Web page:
Next, companies should use a ‘build, buy and partner’ strategy to source skills, given the supply constraints. Finally, they must apply technology that ensures data integrity, quality and accessibility. Organizations can drive true ROI with analytics on this foundation.”
Other results from the survey include the following:
Significance Organizations Place on Analytics
- 68 percent of organizations say their senior management is “highly” or “totally” committed to analytics and fact-based decision-making. Demonstrating this commitment, 66 percent lead by example and demand fact-based decisions, even though this was significantly different in the US (74 percent) compared to the UK (57 percent).
- Nearly 50 percent of organizations state that their C-suites have asked for a data-strategy plan that can be shared across the business.
- 71 percent of the organizations that have not yet appointed a senior figure responsible for data-management strategies and policies expect to do so soon.
- While only 21 percent of respondents said they routinely use analytics very successfully as part of an integrated enterprise wide approach, this is a 50 percent increase from 2009 when only 14 percent claimed an integrated enterprise wide approach for analytics.
Where and How Analytics is Applied
- Respondents see the greatest value in using analytics to help tailoring products and services to customers. 69 percent use analytics to drive decision-making in customer acquisition and retention; 66 percent in the development of new products and services; 60 percent to improve the customer experience.
- Respondents from all surveyed industries except Financial Services believe the finance department has the most sophisticated use of analytics.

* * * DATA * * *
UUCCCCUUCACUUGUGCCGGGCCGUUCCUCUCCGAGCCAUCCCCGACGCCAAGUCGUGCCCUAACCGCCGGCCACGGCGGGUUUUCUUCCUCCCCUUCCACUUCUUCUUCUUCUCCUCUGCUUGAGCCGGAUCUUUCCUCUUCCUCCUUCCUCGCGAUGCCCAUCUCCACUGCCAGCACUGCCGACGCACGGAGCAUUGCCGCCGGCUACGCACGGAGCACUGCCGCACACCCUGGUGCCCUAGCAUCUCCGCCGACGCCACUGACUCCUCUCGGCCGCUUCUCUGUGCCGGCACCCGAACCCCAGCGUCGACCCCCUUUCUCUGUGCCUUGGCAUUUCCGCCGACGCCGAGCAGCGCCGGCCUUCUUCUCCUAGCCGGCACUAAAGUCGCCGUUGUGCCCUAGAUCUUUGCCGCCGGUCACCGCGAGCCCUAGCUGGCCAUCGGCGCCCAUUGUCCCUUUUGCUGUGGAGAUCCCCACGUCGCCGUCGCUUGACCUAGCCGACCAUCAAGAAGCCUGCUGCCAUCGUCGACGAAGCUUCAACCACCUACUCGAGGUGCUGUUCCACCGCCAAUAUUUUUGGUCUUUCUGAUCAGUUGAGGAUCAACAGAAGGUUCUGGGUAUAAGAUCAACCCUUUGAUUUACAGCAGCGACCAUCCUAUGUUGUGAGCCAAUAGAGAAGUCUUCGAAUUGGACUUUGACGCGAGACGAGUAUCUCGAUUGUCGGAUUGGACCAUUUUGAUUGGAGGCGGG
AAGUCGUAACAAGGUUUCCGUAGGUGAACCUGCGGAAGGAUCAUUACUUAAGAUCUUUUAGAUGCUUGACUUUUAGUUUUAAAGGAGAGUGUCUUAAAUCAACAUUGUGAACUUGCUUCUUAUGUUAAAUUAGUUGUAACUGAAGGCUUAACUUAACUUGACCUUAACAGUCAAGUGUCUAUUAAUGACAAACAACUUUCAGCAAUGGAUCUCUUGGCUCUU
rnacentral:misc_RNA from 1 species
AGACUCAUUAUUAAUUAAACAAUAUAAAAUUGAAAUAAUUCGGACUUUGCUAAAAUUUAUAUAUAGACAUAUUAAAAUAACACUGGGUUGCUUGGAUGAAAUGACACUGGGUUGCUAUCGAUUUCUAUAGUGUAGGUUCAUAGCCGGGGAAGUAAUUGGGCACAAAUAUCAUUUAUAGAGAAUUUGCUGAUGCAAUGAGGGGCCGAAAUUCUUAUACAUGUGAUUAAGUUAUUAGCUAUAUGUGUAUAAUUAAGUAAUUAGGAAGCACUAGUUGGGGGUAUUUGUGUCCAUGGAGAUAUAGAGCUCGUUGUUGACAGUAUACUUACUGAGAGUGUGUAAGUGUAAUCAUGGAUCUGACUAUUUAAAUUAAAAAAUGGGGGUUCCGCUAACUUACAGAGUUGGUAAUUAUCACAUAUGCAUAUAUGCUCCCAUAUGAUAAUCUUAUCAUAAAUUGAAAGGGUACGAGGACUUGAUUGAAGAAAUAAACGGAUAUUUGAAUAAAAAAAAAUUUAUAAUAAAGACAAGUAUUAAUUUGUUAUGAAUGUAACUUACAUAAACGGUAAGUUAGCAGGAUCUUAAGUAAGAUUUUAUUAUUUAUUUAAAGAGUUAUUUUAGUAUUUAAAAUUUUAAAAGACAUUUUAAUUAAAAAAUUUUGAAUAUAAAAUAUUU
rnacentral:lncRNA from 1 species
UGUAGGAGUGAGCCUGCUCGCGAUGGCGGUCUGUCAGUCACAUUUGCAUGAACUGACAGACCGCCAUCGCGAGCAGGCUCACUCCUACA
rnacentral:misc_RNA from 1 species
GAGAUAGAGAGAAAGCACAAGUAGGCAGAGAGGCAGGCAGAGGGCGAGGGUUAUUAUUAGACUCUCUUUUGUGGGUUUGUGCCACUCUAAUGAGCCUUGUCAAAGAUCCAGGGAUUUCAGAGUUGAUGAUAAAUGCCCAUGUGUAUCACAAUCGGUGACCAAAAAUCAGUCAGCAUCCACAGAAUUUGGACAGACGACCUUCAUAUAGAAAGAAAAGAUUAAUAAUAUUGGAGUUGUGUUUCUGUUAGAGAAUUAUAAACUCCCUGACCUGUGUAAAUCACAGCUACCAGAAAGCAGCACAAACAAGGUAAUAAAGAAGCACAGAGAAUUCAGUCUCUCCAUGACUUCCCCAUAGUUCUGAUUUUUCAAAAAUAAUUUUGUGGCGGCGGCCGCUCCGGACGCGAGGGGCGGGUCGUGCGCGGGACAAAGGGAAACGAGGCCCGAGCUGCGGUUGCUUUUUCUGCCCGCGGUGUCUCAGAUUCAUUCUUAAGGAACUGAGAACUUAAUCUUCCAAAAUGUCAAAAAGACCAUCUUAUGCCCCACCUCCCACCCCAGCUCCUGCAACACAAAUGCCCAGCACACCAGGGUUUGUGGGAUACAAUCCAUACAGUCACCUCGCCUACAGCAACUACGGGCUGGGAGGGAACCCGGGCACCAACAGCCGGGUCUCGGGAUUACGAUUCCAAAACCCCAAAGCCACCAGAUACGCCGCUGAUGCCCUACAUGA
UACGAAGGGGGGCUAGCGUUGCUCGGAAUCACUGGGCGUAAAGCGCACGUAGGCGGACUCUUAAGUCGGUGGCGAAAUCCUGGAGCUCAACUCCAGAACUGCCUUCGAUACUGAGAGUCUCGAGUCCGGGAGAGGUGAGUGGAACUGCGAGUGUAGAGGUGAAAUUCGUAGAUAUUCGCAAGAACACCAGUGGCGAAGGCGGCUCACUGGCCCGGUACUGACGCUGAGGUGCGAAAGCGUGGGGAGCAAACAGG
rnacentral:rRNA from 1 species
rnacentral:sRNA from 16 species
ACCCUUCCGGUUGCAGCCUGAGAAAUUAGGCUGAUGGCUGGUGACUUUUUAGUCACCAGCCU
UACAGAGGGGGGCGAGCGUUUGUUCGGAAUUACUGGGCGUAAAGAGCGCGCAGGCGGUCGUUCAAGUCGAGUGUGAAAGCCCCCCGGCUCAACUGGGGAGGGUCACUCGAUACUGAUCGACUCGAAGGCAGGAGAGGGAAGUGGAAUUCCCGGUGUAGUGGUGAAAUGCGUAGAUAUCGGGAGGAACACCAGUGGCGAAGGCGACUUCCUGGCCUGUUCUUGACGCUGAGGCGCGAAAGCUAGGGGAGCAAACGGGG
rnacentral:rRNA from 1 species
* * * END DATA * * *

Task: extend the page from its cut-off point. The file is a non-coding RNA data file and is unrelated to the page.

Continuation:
- Communications & High-tech firms are first among those applying analytics to analyze their competitors’ activities and performance (68 percent), and almost half of these firms (42 percent) use analytics for customer acquisition and retention.
- Sales and marketing are the departments which most frequently set targets based on analytics, with 33 percent of sales and 30 percent of marketing teams setting targets “all the time.” Retail companies are front-runners when it comes to setting targets based on analytics for their sales and marketing functions (63 percent).
Further Challenges Remain
- Despite progress in building analytics capabilities, senior executives still rank intuition and experience over facts and complex data analysis in the decision-making process.
- More than half (58 percent) of organizations state that outcome from data is their key challenge; 50 percent state data integration and 49 percent state identifying the insights needed from data.
- Investment in business analytics and talent will rise in 2012
- Good data management plans strongly associated with success
- Media and entertainment execs ill-prepared to seize digital tech opportunities
- What do companies want from Big Data and analytics?
- Execs see unstructured data as important, but firms not handling it well